An organization that works on the behalf of the mentally ill is reaching out to the Mississippi State Legislature in hopes of increasing funding for agencies which provide their care.
According to NAMI Mississippi an estimated 780,000 people in the state or 26.2% of the population have a diagnosable mental disorder in a given year. Among those numbers are inmates being held in jails and prisons in each of Mississippi's 82 counties.
"I can sympathize with anyone with mental illness," said a woman who we will call "Libby".
The 36 year old is bi-polar and suffers from Schizoid Effective Disorder. She takes five medications daily to stay on course and sees her psychiatrist regularly.
The Rankin County woman admits to being arrested previously when off her meds, self medicating with alcohol. She understands the need for more funding for beds at the State Hospital.
"You have to have the trust between your doctor and yourself to actually get the help you need and the patient has to stay on their medications every single day, said Libby. "You have to have trust because if you don't you're gonna wind up in jail or you're gonna wind up back in the hospital."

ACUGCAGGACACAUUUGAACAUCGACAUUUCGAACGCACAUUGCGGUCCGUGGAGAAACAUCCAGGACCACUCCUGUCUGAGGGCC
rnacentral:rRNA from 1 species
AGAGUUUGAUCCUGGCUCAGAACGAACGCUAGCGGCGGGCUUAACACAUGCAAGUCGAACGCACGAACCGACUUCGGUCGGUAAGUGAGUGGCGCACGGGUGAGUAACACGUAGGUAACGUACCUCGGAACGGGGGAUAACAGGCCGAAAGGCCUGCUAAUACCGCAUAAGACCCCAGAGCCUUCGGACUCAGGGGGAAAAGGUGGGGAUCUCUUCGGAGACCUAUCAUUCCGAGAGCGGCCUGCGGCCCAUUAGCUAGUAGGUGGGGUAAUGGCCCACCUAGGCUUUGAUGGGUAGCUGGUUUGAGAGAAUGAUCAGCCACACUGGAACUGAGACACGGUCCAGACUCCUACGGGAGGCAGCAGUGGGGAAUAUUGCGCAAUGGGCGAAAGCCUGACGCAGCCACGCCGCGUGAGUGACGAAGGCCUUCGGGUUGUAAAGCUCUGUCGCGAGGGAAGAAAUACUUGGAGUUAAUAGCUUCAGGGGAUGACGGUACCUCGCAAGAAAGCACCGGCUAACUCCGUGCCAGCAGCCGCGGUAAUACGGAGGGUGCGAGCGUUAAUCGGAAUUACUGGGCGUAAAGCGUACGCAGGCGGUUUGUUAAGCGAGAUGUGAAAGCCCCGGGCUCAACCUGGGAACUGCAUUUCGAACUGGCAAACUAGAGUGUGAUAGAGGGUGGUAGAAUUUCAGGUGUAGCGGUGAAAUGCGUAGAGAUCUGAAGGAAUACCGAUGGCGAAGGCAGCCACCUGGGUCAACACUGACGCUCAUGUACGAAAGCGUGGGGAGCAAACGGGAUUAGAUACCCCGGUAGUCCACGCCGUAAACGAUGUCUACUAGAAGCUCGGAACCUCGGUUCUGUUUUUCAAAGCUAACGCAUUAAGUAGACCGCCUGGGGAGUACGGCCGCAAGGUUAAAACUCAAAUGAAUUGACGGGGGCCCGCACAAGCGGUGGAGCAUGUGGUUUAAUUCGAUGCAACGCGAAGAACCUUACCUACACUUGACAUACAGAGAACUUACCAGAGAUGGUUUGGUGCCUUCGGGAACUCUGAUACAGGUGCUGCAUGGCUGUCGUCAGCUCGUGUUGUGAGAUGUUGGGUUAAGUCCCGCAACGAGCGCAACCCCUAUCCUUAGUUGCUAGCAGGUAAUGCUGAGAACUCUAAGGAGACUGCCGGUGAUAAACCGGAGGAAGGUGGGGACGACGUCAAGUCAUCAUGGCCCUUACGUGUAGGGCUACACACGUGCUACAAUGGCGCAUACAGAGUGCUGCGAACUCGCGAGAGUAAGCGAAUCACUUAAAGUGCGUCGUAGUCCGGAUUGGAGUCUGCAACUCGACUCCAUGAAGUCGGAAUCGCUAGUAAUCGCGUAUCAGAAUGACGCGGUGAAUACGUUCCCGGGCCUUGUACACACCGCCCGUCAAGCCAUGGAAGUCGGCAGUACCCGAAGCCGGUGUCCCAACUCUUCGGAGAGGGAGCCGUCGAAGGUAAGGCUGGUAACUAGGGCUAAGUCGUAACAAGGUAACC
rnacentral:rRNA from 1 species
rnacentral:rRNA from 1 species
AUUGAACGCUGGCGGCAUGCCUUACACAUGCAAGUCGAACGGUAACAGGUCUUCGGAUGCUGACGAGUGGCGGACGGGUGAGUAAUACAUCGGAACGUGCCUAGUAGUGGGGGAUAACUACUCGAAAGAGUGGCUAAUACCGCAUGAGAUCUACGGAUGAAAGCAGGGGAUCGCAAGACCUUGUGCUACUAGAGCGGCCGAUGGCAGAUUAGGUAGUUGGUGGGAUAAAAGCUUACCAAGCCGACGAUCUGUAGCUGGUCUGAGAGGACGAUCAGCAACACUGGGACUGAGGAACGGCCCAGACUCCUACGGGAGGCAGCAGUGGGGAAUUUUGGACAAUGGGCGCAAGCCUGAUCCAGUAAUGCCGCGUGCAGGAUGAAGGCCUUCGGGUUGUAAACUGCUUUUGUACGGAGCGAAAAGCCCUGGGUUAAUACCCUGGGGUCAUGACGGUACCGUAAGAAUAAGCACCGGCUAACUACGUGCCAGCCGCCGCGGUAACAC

"People with mental illness should not be in jail. That's not the place for them," said National Alliance on Mental Illness Mississippi Executive Director Tameka Smith.
Smith often receives calls from families concerned about inmates who are not getting medical attention because of the long wait for treatment.
"They disconnect from their family members and the people are out living homeless or they end up in jail and a majority of them go back to jail because they know they can get a free meal and they have a place to live," said Smith.
NAMI is currently working on what's called the White Papers. It is information gathered from families, agencies and those in the mental health profession to present to lawmakers in January.
Inmates are treated in Forensic Services at the Mississippi State Hospital at Whitfield. According to Mississippi Department of Mental Health Communications Director Adam Moore, there are currently 129 pending court ordered cases for evaluation.
In 2015, Forensics Services admitted 68 individuals with an average wait for admission of 112 days. Average length of stay was 250 days.